A new word lets me have a new idea. I remember learning the concept of “acting in reliance,” and suddenly, I saw people acting in reliance all over the place.
I just picked up a useful word from a field I know nothing about—cooking.
Cooks, it turns out, talk about mis-en-place (MEEZ ahn plahs), which is French for “put in place” or “everything in its place.” Mis-en-place describes the preparation done before starting the actual cooking: gathering ingredients and implements, chopping, measuring, and all the rest.
Mis-en-place is preparation, but it’s also a state of mind; mis-en-place means you have everything at the ready, with no need to run out to the store or begin a frantic search for a sifter. You’re truly ready to begin to work.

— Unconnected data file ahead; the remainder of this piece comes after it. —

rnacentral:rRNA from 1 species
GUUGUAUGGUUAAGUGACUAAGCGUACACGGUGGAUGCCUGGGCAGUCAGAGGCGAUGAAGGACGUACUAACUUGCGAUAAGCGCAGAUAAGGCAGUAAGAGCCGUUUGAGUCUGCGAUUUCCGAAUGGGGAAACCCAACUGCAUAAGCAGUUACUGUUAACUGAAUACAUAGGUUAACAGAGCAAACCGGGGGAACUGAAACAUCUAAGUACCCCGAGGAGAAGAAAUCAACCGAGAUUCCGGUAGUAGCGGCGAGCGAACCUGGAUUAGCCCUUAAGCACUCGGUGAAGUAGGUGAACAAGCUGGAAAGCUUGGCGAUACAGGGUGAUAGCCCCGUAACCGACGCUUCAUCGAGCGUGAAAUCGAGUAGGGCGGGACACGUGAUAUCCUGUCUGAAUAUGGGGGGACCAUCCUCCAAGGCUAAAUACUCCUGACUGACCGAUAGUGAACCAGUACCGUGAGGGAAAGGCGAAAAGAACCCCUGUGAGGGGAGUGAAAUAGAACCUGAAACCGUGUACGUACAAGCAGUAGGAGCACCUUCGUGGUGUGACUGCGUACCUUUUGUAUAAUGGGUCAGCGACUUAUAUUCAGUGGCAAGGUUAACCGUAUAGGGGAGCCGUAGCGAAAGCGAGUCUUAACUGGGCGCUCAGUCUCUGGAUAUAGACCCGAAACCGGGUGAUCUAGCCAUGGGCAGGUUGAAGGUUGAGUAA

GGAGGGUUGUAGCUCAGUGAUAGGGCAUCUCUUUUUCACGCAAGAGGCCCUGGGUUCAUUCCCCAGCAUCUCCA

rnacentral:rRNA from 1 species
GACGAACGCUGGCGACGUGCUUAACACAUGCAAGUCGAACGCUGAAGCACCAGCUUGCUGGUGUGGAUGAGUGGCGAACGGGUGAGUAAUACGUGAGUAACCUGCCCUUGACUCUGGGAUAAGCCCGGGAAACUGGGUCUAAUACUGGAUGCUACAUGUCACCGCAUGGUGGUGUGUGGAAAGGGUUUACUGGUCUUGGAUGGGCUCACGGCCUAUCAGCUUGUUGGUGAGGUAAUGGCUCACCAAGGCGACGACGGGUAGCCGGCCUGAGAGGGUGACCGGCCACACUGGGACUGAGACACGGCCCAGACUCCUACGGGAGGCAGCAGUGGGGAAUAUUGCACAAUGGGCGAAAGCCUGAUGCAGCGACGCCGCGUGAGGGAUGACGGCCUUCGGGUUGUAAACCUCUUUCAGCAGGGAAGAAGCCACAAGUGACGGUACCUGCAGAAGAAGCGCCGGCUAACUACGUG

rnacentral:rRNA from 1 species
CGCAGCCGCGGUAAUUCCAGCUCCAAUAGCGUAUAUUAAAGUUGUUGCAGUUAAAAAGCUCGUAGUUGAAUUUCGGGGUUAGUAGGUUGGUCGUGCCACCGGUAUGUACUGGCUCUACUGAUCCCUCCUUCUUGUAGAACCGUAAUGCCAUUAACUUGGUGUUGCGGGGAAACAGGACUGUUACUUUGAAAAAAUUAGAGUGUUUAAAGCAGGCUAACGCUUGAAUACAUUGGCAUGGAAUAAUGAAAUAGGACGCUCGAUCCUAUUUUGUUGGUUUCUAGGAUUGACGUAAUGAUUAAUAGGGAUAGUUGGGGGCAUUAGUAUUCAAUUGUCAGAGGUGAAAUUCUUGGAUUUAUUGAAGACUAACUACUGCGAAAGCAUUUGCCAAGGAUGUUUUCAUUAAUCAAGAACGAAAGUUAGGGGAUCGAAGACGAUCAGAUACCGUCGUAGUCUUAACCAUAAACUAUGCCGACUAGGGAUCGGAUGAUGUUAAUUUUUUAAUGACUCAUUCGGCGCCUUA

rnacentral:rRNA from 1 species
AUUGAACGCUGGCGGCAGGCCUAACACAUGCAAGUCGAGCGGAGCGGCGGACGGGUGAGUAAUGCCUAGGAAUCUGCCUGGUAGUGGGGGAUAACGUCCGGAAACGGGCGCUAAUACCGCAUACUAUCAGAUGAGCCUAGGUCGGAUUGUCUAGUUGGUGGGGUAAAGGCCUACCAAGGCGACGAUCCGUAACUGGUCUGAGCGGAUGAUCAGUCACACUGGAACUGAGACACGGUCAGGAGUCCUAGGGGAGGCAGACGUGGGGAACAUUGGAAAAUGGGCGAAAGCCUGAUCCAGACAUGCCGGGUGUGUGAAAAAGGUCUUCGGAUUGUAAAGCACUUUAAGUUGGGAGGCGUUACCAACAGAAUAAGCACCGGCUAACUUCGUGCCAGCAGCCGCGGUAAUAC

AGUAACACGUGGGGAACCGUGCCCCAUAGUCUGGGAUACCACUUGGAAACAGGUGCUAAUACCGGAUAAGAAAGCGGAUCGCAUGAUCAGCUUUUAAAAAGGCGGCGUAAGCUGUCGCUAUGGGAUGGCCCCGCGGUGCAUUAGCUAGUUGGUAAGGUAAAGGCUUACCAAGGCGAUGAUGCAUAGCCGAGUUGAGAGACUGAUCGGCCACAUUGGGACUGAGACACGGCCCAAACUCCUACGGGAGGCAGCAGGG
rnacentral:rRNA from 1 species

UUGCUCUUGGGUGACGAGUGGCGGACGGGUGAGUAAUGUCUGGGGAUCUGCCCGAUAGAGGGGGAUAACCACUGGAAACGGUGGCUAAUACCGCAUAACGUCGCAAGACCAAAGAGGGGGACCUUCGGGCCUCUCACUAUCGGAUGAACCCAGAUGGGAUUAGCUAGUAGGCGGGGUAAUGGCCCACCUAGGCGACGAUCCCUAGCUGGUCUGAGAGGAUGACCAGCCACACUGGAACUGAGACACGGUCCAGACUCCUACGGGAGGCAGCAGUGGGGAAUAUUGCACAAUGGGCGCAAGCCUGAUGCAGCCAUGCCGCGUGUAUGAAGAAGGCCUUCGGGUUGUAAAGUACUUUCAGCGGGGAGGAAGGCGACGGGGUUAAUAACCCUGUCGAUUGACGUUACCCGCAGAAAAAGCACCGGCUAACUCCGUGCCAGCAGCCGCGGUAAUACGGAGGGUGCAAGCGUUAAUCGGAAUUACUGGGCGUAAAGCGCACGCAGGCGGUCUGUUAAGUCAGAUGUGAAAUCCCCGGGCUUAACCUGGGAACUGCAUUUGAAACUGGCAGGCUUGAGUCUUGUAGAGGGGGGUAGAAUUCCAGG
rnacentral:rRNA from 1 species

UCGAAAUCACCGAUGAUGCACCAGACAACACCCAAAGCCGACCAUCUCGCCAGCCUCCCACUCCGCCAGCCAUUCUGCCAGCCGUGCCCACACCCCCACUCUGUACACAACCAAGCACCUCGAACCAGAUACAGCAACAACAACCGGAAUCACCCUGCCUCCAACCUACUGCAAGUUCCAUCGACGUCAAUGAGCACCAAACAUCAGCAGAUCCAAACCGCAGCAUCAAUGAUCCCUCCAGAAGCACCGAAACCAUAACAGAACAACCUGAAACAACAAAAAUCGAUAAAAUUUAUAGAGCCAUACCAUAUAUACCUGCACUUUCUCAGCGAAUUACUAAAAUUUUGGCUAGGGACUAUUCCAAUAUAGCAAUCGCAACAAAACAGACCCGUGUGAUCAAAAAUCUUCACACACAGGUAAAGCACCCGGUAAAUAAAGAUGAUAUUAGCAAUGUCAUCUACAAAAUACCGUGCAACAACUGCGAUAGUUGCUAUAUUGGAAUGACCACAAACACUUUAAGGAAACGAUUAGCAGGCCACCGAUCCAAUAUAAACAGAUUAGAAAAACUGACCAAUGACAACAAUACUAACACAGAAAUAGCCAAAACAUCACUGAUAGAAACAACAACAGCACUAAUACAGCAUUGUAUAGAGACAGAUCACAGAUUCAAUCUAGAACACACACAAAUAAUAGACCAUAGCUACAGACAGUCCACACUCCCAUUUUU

I’ve been thinking about mis-en-place in my own life. Do I have the tools I need? Am I able to proceed in an orderly, serene way?
Nothing is more satisfying than working easily and well, and I’ve found that mis-en-place helps me achieve that state of flow. In particular, my most important equipment is my own head, so I’ve been paying more attention to my frame of mind. I also like the feeling of having an orderly collection of the tools that help me in my pursuit of happiness: my scoring charts, my list of Twelve Commandments, my pads of sticky notes, my garbage bags, my happiness box, my favorite pens, etc.
Now that I’ve learned the term mis-en-place, I’m more deliberate about composing myself to begin work—whether at my desk at home, on the long table at the library, or in a coffee shop.
For some reason, a phrase from high school, which I also made the last sentence in my college essay (how do I remember these things?) also seems related to this idea and keeps reverberating in my head…
“Read all instructions carefully. Turn over your test papers and begin.”